In today's mediascape, right and wrong don't matter: It's how you spin your story. In The Doubt Factory, Paolo Bacigalupi takes aim at the spin used by major companies and turns it into a compelling tale of a young woman who confronts the truth about her life.

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Spoilers ahead...

In this young-adult novel, Alix is a student in a good private school, in an affluent neighborhood. She drives her Mini to school, looks after her younger, ADHD-afflicted brother and hangs out with her friends. Her idyllic teenage life is shaken when she catches a glimpse of a boy in the school's courtyard, assaulting their headmaster. Shortly thereafter, she comes face to face with the assailant as a massive prank is undertaken, involving tons of rats, a SWAT team and lots of paint, revealing the presence of an anonymous group called 2.0. Things get difficult when Alix when learns that the pranktivists have a specific target: her father.

Throughout her life, Alix had never quite questioned what her father does: only knowing that he helps out big companies with their messaging when they run into problems. When Alix is kidnapped by the group, they reveal their motives: her father is responsible for more than just helping out. When a major pharmaceutical company releases a drug that is responsible for quite a few deaths, he's the one they turn to in order to cause enough doubt to keep the drug on the market for a couple of more years while they continue to sell it. He's also the one who creates strategy for wide-scale disinformation campaigns, ranging from fake internet commentators to paid, friendly studies to aid his clients.

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The 2.0 gang, led by the aptly-named Moses, have all suffered losses at the hands of these companies, and soon, Alix is forced to question everything that's supported her life to that point. Bacigalupi plays out the story quickly and efficiently through some fairly typical YA tropes, but with enough turns to shake up some of the predictability. It also feels like one of his angriest novels to date.

Bacigalupi is known for taking on major interests in his novels. His first, 2009's The Windup Girl, takes some considerable shots at agribusiness run amok in his destroyed world, something he revisits thematically in Ship Breakers and Drowned Cities. The Doubt Factory is science fiction in the style of William Gibson's Bigend trilogy: five minutes into the future, using all of the elements of our technologically driven world as science fictional. It works well, because the arguments which Bacigalupi presents are crystal clear, especially if you turn on the news.

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There are a few topical issues, in particular, which Bacigalupi takes on in this book. The first is the tendency of major corporations to act immorally in their own interest. Major pharma companies churn out drugs that they know will have an adverse reaction in some small percentage of their users; major websites tinker with their algorithms to see how this affects people; not to mention the actions of private security companies at home and abroad. These are all elements that you can take from the headlines of the past year alone.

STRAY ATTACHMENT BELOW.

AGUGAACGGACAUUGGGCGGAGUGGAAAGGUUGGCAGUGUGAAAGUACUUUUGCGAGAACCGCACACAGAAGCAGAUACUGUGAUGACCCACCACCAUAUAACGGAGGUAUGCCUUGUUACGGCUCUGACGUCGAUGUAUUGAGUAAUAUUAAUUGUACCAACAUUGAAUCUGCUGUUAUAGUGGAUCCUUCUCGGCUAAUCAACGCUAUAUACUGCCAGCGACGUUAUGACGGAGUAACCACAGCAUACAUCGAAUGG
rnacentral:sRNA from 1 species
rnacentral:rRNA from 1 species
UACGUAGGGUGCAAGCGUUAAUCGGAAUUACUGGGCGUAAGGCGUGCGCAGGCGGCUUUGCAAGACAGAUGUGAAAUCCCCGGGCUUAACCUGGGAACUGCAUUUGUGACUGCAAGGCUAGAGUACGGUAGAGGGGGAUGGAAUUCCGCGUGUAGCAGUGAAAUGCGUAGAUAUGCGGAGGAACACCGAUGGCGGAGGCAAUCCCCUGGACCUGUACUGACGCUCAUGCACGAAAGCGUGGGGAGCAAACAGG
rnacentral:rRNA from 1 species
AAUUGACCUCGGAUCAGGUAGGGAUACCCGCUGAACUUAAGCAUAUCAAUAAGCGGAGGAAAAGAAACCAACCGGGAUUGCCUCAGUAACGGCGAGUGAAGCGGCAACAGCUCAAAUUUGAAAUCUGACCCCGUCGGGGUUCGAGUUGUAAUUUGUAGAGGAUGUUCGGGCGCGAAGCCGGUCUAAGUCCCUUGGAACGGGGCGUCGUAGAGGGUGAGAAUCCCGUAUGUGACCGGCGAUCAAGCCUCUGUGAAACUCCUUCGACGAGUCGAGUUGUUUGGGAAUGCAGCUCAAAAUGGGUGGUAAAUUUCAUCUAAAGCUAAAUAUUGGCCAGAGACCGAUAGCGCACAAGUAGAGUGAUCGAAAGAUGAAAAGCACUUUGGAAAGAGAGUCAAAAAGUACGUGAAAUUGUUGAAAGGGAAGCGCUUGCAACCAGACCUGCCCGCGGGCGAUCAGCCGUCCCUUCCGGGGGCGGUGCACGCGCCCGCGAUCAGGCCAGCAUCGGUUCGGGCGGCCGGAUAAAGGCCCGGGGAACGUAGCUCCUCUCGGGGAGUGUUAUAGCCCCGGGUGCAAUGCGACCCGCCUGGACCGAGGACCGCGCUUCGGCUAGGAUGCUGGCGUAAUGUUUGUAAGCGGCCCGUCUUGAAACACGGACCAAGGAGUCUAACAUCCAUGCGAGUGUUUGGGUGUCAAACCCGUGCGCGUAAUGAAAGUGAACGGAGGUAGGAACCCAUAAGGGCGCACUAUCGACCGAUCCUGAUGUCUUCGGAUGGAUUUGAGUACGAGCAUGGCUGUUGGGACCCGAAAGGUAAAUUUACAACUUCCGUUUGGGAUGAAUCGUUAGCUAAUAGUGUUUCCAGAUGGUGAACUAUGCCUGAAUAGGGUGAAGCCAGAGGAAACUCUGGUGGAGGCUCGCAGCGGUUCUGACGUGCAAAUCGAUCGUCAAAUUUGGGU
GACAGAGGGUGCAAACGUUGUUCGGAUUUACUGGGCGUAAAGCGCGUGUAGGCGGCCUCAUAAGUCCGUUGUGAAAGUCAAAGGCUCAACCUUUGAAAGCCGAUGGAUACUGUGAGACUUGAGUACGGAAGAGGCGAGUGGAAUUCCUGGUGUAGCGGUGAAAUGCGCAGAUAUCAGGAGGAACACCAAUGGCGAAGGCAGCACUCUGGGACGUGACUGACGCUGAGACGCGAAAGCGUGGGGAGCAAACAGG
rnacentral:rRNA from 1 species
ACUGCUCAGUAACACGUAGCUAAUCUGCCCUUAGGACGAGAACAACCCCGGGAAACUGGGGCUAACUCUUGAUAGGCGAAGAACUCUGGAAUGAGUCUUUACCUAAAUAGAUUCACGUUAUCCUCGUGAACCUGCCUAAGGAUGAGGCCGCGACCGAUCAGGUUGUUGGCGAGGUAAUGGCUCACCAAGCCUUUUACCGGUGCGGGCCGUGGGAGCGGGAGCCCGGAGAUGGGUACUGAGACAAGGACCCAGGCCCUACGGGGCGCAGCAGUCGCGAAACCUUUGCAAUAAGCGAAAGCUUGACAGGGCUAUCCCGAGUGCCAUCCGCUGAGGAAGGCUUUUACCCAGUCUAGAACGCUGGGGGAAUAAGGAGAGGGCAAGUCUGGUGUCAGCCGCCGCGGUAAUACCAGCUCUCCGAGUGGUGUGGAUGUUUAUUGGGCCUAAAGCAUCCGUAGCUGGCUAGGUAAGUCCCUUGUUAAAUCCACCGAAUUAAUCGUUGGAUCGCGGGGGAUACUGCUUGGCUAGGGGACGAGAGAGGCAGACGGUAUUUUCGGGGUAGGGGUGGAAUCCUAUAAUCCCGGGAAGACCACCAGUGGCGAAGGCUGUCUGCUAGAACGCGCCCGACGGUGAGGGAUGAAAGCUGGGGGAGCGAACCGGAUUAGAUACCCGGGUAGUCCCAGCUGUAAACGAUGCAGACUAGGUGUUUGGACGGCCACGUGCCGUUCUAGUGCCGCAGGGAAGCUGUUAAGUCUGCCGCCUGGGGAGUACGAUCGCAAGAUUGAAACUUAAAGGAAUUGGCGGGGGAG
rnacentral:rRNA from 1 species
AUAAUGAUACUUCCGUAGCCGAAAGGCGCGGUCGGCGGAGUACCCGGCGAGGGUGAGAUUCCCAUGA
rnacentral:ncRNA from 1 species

Secondly, Bacigalupi takes a shot at the people who disseminate information. The people who spin stories, and who have influence on how people receive their information, are powerful individuals. Alix's father is perfectly positioned to drive public opinion, and thus influence policy to the best interest of his clients โ€” and in doing so, he's created the environment that's responsible for people losing their lives. Specifically, each member of the 2.0 gang, and they're out for revenge.

The Doubt Factory has some ruminations (and spin) on the level of culpability someone such as Alix's father might have, but cleanly comes down on the side of the pranktavists: he's had a hand in their parents' deaths, and any settlements they might have received aren't enough. This is an important argument to pull apart, because it's something that's critical to understand: the difference between immediate blame and systematic blame is a complex question, that's at the heart of a lot of hot-button debates right now. Bacigalpi lays out a compelling argument that it's not the people on the front lines who are completely responsible: its the ones who create the environment that share some of the blame for the major issues.

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As he does this, Bacigalupi never abandons his characters. Alix is a wonderful character, thrust into the center of the storm, and is given enough agency to work her way out through her now-problematic life. She moves from someone completely (blissfully) unaware of the nature of her life, to someone who's actively working to change it. We see that this isn't an easy change, but that ultimately, the society we live in has some level of culpability that we've allowed for. Moses opens Alix's eyes to the world around her, and once she looks around, she realizes she can't go back.

The Doubt Factory feels as though it's the perfect book to help you rage at the year we've just had โ€” but also to dig into some of how we've gotten to this point. Reading it, I feel like we've somehow fallen into the darkest timeline without realizing it, and it's by taking a science-fictional look at things that we realize that the world we have is one that is here largely by our own choosing. The Doubt Factory is Bacigalupi's most politically charged novel yet, and for that, I'm happy that he's so angry at the world around us.